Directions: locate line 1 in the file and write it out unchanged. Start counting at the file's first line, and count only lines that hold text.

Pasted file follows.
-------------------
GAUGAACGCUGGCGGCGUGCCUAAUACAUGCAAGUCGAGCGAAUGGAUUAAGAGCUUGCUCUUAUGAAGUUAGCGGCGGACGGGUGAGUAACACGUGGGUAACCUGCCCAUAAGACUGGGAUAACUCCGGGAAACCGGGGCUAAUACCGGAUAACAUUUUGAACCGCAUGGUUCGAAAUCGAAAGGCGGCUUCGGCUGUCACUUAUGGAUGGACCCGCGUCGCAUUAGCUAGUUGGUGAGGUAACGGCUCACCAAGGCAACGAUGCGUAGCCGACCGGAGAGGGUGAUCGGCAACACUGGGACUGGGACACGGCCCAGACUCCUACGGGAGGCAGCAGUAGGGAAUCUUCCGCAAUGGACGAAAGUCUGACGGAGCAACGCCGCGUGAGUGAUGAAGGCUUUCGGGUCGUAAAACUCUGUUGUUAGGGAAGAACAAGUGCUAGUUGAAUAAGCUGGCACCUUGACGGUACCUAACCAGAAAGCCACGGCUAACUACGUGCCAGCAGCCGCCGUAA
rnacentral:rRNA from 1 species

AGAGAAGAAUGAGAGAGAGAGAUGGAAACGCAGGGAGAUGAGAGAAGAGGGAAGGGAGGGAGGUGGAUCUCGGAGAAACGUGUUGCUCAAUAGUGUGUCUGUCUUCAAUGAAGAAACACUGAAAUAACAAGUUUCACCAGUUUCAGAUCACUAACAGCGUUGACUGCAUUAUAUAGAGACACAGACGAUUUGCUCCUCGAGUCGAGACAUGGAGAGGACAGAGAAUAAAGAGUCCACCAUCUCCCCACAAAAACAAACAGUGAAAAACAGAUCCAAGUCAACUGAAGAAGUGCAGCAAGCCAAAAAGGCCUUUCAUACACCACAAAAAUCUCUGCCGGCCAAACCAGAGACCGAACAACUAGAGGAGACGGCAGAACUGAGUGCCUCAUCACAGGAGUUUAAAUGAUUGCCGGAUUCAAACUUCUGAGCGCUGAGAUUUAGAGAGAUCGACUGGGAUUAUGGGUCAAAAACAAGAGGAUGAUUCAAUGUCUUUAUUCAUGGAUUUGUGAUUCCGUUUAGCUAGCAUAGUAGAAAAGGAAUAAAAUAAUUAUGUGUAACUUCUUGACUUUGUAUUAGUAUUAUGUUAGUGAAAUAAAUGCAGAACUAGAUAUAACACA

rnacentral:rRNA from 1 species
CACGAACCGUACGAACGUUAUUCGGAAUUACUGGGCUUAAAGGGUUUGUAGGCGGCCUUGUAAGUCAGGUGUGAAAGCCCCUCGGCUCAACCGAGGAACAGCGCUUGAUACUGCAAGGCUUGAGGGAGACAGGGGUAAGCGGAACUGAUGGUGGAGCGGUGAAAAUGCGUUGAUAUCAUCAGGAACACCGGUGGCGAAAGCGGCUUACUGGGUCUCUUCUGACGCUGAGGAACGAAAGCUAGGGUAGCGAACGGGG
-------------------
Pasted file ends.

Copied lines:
GAUGAACGCUGGCGGCGUGCCUAAUACAUGCAAGUCGAGCGAAUGGAUUAAGAGCUUGCUCUUAUGAAGUUAGCGGCGGACGGGUGAGUAACACGUGGGUAACCUGCCCAUAAGACUGGGAUAACUCCGGGAAACCGGGGCUAAUACCGGAUAACAUUUUGAACCGCAUGGUUCGAAAUCGAAAGGCGGCUUCGGCUGUCACUUAUGGAUGGACCCGCGUCGCAUUAGCUAGUUGGUGAGGUAACGGCUCACCAAGGCAACGAUGCGUAGCCGACCGGAGAGGGUGAUCGGCAACACUGGGACUGGGACACGGCCCAGACUCCUACGGGAGGCAGCAGUAGGGAAUCUUCCGCAAUGGACGAAAGUCUGACGGAGCAACGCCGCGUGAGUGAUGAAGGCUUUCGGGUCGUAAAACUCUGUUGUUAGGGAAGAACAAGUGCUAGUUGAAUAAGCUGGCACCUUGACGGUACCUAACCAGAAAGCCACGGCUAACUACGUGCCAGCAGCCGCCGUAA